What can you do in 10 minutes? You could check your inbox, and maybe send an email or two. You could cook an omelette. You could watch Miracles by Insane Clown Posse, laugh, and then watch it again. You could lose your virginity.
For Battlefield 3, 10 minutes is just enough time for a quick pout and swagger, another step towards the approaching showdown with Modern Warfare 3. You could argue that the game probably doesn't need much more publicity at this stage of proceedings, but hey - if DICE wants to show off its wares, even for just a brief moment, who are we to argue?
The latest cutlet is a sliver of the single-player campaign, a wafer-thin slice of Operation Guillotine. Protagonist Sgt. Blackburn and his chums are hiding in a park in the North of Tehran, and are tasked with meeting up with another unit, Haymaker, before fighting their way further into the city, crossing a canal, and then securing a building. It's FPS 101, really, but that's ok - because this is really an excuse to get a feel for Battlefield's combat.
The demo, which is being shown today on PlayStation 3, takes place at dusk. As the player follows his buddies down a hill, the Frostbite 2 engine does its best to show off its impressive lighting effects, with harsh city lights piercing the evening gloom. For further emphasis, the descent concludes with Blackburn using a mortar to fire an illumination round into the night sky, bathing the urban battlefield in cold blue.
The launching of the mortar itself is almost entirely automated. There's a quick button tap to place the weapon, then the rest is handled by your AI compatriot. Unsurprisingly, there's a fair bit of this sort of semi-cinematic stuff: a single press to clamber onto an ally and up over a wall, and later a few repeat jabs to breach a door. On the evidence of this demo, Battlefield 3 does little to buck the current trends for the genre. Having said that, the typical FPS devices all work very well.
There's a commendable lack of hysteria to the action. The soundtrack restrains itself to an insistent, synth-driven throb, and as the case invariably is with Battlefield game, the sound effects are impeccable. The guns bark, their shots echoing in the dark of the half-ruined city, and it only takes a round or two to snuff out the opposing force, who at times appear to be little more than shadows with guns. The auto-aim seems remarkably generous, all but removing the need to re-target, but thankfully it can be disabled via the options menu; I swiftly do so, if only to delay my rapid progress.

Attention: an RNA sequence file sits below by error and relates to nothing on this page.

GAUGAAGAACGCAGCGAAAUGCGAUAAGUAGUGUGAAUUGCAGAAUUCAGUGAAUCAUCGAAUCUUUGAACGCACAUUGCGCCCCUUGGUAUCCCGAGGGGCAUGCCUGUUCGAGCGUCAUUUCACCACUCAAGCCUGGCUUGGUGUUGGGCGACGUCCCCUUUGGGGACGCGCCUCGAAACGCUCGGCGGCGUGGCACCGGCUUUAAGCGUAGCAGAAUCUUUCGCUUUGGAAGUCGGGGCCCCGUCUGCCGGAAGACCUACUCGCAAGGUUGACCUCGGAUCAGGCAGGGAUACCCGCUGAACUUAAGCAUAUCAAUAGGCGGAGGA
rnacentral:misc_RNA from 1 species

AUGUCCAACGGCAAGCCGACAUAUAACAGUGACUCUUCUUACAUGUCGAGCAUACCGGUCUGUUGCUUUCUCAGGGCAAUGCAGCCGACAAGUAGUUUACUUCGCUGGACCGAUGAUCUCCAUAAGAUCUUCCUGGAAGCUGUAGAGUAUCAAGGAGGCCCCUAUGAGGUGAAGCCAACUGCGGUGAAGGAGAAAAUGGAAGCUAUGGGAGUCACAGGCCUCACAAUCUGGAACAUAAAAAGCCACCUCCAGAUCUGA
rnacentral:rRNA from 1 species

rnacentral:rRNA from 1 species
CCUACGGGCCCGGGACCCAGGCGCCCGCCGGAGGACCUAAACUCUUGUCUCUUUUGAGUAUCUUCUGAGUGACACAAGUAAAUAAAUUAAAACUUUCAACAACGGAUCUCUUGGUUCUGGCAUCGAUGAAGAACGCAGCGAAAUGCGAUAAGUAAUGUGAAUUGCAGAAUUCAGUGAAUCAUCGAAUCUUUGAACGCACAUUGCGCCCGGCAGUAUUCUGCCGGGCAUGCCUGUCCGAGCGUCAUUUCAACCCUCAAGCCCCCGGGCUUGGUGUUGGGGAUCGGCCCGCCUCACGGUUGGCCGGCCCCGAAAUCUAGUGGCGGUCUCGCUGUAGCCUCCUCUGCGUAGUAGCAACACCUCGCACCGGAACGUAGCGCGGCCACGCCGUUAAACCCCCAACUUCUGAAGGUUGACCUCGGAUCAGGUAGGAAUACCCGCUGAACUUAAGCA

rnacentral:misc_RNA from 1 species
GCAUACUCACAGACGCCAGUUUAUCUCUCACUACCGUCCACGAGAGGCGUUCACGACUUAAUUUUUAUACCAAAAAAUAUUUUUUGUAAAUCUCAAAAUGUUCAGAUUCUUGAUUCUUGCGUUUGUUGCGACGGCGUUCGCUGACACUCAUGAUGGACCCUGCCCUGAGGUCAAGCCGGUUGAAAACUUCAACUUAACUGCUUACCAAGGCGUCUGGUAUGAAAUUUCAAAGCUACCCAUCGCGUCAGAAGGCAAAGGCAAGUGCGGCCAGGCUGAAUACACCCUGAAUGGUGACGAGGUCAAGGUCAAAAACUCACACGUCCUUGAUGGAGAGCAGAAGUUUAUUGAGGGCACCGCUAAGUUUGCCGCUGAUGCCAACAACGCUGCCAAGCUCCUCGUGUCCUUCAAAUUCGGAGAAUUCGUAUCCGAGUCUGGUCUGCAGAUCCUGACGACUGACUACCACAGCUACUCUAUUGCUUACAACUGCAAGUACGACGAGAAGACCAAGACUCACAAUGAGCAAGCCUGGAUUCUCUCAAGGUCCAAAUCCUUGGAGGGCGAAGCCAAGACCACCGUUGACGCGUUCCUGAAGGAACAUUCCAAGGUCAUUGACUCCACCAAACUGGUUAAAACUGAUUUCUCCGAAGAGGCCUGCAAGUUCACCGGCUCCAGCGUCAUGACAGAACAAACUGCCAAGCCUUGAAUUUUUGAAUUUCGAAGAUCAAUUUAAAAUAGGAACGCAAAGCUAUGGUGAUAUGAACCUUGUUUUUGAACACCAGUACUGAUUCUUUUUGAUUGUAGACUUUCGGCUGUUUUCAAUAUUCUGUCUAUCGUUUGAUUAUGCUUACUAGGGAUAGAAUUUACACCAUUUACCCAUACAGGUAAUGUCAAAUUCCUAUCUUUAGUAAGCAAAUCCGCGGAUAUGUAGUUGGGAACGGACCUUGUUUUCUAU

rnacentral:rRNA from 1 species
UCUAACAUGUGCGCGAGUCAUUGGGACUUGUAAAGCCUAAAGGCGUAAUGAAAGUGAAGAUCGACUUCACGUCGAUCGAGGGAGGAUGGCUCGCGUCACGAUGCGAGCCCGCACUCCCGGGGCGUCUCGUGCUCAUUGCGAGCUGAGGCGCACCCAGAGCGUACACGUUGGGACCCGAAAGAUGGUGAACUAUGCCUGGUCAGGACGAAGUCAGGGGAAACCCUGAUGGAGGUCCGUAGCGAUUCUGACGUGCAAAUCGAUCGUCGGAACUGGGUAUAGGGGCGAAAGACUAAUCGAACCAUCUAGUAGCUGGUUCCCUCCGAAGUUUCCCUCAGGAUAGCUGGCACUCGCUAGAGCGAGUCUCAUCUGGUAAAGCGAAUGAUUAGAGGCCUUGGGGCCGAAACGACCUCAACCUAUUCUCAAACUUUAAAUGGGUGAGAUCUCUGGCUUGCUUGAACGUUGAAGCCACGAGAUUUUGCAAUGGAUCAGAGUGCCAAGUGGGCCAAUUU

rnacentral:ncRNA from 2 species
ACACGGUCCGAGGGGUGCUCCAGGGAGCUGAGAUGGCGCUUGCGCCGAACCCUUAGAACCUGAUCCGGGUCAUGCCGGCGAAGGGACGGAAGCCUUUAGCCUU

Along with the sound design, the sombre atmosphere is the demo's strongest asset. The level design seems smart, if familiar, leading Blackburn to an entrenched enemy position, around the flanks, and then through an occupied apartment block. When we move indoors, I switch the SCAR-H for a beastly Remington 870 - for those of you who don't speak Gun Nut-ese, this is a pump-action shotgun. It's a good one too, despatching foes with all the single-shot-kill efficiency you'd want from such a tool.
As I emerge from the rear of the building, a marine lies prostrate on the floor as a medic applies a tourniquet. I switch back to the SCAR, but that's it - end of demo. Blackburn clambers into a humvee, and then rumbles off to whatever awaits him.
Even in a 10 minute slice, there's plenty to like about Battlefield 3, though it's hard not to be concerned about the game's unfinished appearance. The graphics themselves are perfectly decent, but there are several signs of work that still needs to be done. Allied soldiers disappear into thin air as they scale the wall at the demo's start, while a brief detour around the back of the apartment block results in all sorts of problems, with large chunks of the world disappearing. It's perfectly normal for preview code to feature issues like these, but it's still a bit worrying given that the game is due out in six week's time.
It's also clear that you're not supposed to be able to make such deviations in the first place. Stray too far from your colleagues and the screen will darken as an on-screen warning slaps you on the wrists; it was likely an error that I was able to get behind the apartment in the first place, as you end up there after you've cleared out the building. I probably shouldn't be surprised by this enforced linearity, but it still feels like a bit of a shame, given the expansive terrain that Battlefield is known for.
Regardless, the game looks good - and perhaps more importantly, it still looks like a genuine contender for the upcoming scrap with Modern Warfare 3. Let's just hope that the console versions get in shape before judgement day arrives.
Battlefield 3 will be released on, PS3, Xbox 360 and PC on October 28.